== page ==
Browsing Pastor's Notes

The Most Holy Body & Blood of Christ

Take this, all of you, and eat of it, For this is my Body

Take this, and drink from it, for this is the Chalice of my Blood

In advance of the National Eucharistic Congress this July, I’m continuing to look at some of the Scriptural precursors of the Eucharist. There are so many which show God’s Plan from the beginning included the Eucharist.

The Lord said to Moses and Aaron in the land of Egypt: They will take some of its blood and apply it to the two doorposts and the lintel of the houses in which they eat it. They will consume its meat that same night, eating it roasted with unleavened bread and bitter herbs. Do not eat any of it raw or even boiled in water, but roasted, with its head and shanks and inner organs. You must not keep any of it beyond the morning; whatever is left over in the morning must be burned up. This is how you are to eat it: with your loins girt, sandals on your feet and your staff in hand, you will eat it in a hurry. It is the Lord’s Passover. For on this same night I will go through Egypt, striking down every firstborn in the land, human being and beast alike, and executing judgment on all the gods of Egypt—I, the Lord! But for you the blood will mark the houses where you are. Seeing the blood, I will pass over you; thereby, when I strike the land of Egypt, no destructive blow will come upon you. This day will be a day of remembrance for you, which your future generations will celebrate with pilgrimage to the Lord; you will celebrate it as a statute forever. For seven days you must eat unleavened bread. From the very first day you will have your houses clear of all leaven. For whoever eats leavened bread from the first day to the seventh will be cut off from Israel.                                                                                                                         Exodus 12:7-5

This blood marked the home and kept the Angel of Death away. In the reception of the Eucharist – whether from paten or chalice – we receive the full Body & Blood, Soul & Divinity of Jesus. When the Host or chalice touch your lips, you are marking the entry to your body, which is a Temple of the Holy Spirit, with the Blood of the Lamb. You are being protected from the Angel of Death. Some have also commented that the act of applying the blood of the Exodus lamb to the lintel and doorpost with hyssop to the act of making the Sign of the Cross over our bodies. We reach up to our forehead (as to the lintel) then back down as if to get more Lamb’s blood upon our hyssop then right to left (as door post to door post). It is a pious thought and bodily prayer.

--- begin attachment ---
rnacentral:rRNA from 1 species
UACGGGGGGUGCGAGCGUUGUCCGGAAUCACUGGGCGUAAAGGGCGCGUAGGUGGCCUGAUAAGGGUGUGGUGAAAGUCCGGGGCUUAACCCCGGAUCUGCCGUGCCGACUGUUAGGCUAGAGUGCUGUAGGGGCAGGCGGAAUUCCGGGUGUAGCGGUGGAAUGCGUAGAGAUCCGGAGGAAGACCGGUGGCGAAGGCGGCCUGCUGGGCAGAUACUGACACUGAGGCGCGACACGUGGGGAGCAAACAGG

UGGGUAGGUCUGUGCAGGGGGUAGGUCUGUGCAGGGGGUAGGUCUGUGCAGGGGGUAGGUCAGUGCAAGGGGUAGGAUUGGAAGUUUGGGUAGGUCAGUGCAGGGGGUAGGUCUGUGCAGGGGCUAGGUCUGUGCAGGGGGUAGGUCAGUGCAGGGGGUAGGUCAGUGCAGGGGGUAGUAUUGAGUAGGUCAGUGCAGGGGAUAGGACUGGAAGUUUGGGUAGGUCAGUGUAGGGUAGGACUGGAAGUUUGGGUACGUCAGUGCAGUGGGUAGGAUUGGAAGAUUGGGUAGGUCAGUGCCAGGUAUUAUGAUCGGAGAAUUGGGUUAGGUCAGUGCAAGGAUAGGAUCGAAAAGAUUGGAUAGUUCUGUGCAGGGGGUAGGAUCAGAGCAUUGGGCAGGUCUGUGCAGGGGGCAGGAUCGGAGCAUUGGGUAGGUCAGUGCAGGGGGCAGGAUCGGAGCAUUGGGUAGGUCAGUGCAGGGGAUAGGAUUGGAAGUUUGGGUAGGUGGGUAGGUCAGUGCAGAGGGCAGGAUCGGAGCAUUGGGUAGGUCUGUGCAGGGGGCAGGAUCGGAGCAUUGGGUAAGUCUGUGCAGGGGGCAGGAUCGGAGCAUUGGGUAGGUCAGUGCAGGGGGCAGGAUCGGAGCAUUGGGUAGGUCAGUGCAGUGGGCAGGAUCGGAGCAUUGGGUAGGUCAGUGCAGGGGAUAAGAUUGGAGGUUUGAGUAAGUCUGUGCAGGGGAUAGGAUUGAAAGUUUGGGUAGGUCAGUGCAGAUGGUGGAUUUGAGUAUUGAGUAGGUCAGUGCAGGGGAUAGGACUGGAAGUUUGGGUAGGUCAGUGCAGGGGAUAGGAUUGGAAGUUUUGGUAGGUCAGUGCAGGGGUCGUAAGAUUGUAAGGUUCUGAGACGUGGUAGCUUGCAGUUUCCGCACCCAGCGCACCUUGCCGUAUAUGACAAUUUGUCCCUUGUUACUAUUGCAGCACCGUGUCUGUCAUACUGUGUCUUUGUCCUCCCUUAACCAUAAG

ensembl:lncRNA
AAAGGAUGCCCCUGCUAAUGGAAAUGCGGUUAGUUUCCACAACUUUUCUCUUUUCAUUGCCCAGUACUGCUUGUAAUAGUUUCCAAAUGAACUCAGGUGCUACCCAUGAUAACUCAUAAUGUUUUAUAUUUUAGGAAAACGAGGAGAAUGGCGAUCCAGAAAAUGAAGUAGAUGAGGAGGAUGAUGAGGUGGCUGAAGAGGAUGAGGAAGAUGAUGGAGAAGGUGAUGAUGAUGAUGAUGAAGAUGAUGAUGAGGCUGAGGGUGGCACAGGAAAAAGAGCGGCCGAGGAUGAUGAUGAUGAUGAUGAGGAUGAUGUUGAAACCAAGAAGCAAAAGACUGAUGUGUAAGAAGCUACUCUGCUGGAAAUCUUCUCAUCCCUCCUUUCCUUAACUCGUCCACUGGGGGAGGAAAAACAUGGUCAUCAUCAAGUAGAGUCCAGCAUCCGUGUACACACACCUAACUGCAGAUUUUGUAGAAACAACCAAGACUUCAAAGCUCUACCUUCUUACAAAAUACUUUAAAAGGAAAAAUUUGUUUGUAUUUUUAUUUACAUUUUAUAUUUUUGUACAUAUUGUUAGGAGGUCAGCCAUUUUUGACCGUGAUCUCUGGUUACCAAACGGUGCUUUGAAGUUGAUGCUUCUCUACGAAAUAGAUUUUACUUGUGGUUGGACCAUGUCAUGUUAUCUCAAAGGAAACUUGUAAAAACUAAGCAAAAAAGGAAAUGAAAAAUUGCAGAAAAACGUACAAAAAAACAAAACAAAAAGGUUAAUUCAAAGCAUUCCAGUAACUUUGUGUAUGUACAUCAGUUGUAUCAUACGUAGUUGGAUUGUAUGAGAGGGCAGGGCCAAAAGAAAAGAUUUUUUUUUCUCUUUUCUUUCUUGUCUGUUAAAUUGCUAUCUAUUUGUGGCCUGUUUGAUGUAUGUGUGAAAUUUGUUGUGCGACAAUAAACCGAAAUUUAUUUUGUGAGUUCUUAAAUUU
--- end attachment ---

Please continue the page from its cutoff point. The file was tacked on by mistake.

Then Exodus gives instructions on the consumption of the lamb. It is to be roasted not boiled or raw. Roasting an animal meant placing it upon a wooden spit. While Jesus was not burned (thank God!), He was attached to a sort of wooden spit – the Cross. He also sacrificed the whole of Himself – prefigured in the roasting of the lamb whole – not in parts. This also sets forth the prophecy fulfilled on Calvary that “not a bone of it shall be broken” (Jn 19:36, Cf. Ex 12:46; Nm 9:12; Ps 34:21). Jesus was scourged, bloodied, bruised, but still whole – the Whole of Humanity was offered to the Father, just as the whole lamb was sacrificed at the Exodus.

The roasted Lamb was eaten with ‘unleavened bread.’ This is in part was practical. The Jewish People were hurried, and prepared to move, so there was not time for the rising of the bread, but it also shows the need for humanity to away the Rising of the Body in Christ. This is why, even still, in the west, the Church uses unleavened bread to more perfectly reflect the Last Supper Passover of Christ. Yet, in the east, the Church uses substantial bread for the hosts to represent its fulfillment and completion in the Resurrection of Christ. Both speak to the same sacrifice and Paschal Mystery, but highlight different aspects and perspectives. The bitter herbs of the Exodus Passover symbolize the bitterness of the Jewish slavery. It represents the difficulty of the pilgrimage ahead to the Promise Land. It represents the suffering bitterness of the Cross that makes possible paradise. The manner of eating as if ready for travel, for the Eucharist is food for the journey. It is the bread of heaven that sustains us as we pass through the trials of life until the crossing of the river to the Promise Land. At the end of Mass, the congregation is not just sent home, you are sent forth to “Glorify the Lord by your Life”. You are to make the journey in the desert of the world reliant upon the Grace & Goodness of God. This journey towards a land flowing with ‘milk & honey’ is sustained by the Bread of Life, the Eucharist. One must eat to share in this salvation.

Thanks for your patience while we celebrate Mass together in the Gym while work is completed in the church. I realize Mass in a gym is not ideal but I would encourage you to keep coming to Mass and Mass at Holy Family so we can maintain our family connections during this needed and necessary work.


Celebrating 70 years in our church together as the Holy Family of God


Nothing Less than saints for the Holy Family of God.

Holy Family, Gathered around the Lamb of God, Pray for us.


~ Fr Jeremy M. Gries


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